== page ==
Published by EH.NET (August 2008)

Robert A. Degen, The Triumph of Capitalism. New Brunswick, NJ: Transaction Publishers, 2008. xiii + 204 pp. $40 (cloth), ISBN: 978-1-4128-0689-3.

Reviewed for EH.NET by Joseph M. Santos, Department of Economics, South Dakota State University.

In The Triumph of Capitalism, Robert A. Degen (Professor of Economics, Emeritus at Sewanee, The University of the South) traces the origins and chronicles the development of the present-day Occidental mixed economy. The author begins with a brief history of economic thought and method ? he addresses (in a single chapter) the origins of money, early examples of specialization and trade, medieval commerce, scholasticism, mercantilism, Adam Smith, and the Industrial Revolution ? and devotes much of his attention to the confluence of twentieth-century economic, political, and social forces that wrought modern capitalism.

Most EH.NET subscribers will be familiar with the author?s conventional account of events: In essence, popular antipathy toward capitalism and a growing socialist ethos, spawned from labor movements in Europe and, to a lesser extent, the U.S., gained broad appeal between the First and Second World Wars, when severe economic contractions and concomitant political and social instabilities fomented widespread doubt in the viability of the free market. The ensuing persistent rise in government intervention, fueled in part by New Deal- and, later, Keynesian-inspired income-stabilization policies, gave way to ?economic cohabitation? of private and public sectors ? an economic system that relied inauspiciously (as the stagflation of the 1970s would reveal) on a structural relationship between policy-induced inflation and unemployment (p. 71). Ultimately, capitalism ? the modern mixed-economy variety ? triumphed over socialism in the sense that governments deemphasized planning and control, privatized and deregulated, reformed welfare, and largely unfettered international-capital flows. Nevertheless, an ?undertow of socialism? persists: average total government outlays ? federal, state, and local, including social security ? exceed 40% of GDP across OECD countries; and, as myriad financial and accounting crises of the last decade demonstrate, governments in ostensibly free-market economies intervene at their discretion often and with broad popular support (p. 101).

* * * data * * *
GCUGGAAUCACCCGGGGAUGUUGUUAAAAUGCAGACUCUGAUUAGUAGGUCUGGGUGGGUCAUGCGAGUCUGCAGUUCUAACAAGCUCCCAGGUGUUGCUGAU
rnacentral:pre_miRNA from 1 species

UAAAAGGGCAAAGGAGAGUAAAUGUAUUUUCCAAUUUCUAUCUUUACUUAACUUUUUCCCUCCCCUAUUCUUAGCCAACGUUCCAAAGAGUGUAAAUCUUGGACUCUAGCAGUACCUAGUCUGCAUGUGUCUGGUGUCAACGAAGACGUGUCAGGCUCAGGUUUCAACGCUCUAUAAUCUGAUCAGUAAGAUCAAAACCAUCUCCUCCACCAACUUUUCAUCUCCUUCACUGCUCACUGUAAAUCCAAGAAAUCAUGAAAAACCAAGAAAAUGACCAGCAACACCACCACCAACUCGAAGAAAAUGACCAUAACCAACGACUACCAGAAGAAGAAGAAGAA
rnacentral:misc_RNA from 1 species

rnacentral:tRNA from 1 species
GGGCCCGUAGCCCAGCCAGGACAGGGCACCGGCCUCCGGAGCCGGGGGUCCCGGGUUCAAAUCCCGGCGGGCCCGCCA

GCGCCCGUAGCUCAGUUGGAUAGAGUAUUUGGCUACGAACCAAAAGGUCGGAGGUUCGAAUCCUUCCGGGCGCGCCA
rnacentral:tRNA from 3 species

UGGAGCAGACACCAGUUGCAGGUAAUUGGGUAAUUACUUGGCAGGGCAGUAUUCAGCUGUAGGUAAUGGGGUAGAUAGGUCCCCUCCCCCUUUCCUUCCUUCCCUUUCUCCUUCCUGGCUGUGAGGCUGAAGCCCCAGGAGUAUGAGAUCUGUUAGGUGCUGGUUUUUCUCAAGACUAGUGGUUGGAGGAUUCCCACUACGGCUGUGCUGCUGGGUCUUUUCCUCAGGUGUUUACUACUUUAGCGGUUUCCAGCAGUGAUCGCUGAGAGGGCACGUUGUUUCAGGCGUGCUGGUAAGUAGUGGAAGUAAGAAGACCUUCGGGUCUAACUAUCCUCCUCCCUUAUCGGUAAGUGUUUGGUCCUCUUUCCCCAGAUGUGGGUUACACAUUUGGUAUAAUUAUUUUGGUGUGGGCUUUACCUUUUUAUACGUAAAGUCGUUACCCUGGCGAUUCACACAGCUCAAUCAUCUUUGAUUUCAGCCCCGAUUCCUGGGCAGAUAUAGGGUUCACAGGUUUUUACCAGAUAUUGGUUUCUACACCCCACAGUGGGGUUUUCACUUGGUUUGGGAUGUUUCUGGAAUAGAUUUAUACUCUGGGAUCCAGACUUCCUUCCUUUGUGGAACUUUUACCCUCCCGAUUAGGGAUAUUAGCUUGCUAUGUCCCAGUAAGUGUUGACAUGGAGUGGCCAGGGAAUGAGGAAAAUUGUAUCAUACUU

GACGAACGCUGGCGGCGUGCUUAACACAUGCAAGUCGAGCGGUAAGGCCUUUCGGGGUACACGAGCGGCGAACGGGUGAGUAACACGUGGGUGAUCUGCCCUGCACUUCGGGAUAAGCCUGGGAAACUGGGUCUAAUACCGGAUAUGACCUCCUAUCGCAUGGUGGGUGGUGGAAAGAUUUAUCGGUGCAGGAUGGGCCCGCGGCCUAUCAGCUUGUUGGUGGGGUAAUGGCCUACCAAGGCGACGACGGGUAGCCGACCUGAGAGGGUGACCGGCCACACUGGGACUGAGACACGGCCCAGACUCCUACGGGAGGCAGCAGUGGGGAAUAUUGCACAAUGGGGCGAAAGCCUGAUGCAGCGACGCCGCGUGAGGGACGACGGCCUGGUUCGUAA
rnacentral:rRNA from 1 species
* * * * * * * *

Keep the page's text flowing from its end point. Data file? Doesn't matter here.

Degen writes for a general audience and, as such, offers readers an accessible first pass at the history of twentieth-century economic thought and organization. As this brief synopsis reveals, particularly to those who teach undergraduate courses in the history of economic thought or comparative economic systems, the scope and approach of The Triumph of Capitalism are quite reminiscent of Daniel Yergin and Joseph Stanislaw?s, Commanding Heights: The Battle for the World Economy (New York: Simon and Schuster, 1998) and its derivative PBS documentary series. Indeed, in light of this earlier and very popular contribution to this pedagogical genre, readers of The Triumph of Capitalism may wish that the author had traded breadth for depth and, hence, tied more thoroughly select contributions to economic thought with the appropriate pivotal twentieth-century events and policies; by doing so, readers would likely gain a more concrete ? and, hence, lasting ? appreciation for the context and substance of these contributions, as well as their significance to economic organization then and now. For instance, the author mentions Milton Friedman twice (in passing references to the Chicago School and Monetarism), but misses opportunities to discuss substantively his seminal contributions to economic thought and his influences on economic organization in the contexts of, say, monetary policy and the Great Depression or 1970s wage-price spirals and the demise of the putative Phillips Curve policy menu.

Nonetheless, The Triumph of Capitalism synthesizes an important history of economic organization in the twentieth century and, in doing so, rightly emphasizes throughout the public sector?s enduring share of the modern capitalist economy. As such, newcomers to this topic will appreciate what this book has to offer

Joseph M. Santos is Professor of Economics at South Dakota State University, where he teaches undergraduate and graduate courses in macro- and monetary economics. His current research examines early North American futures trading and the evolution of the Canadian Wheat Board.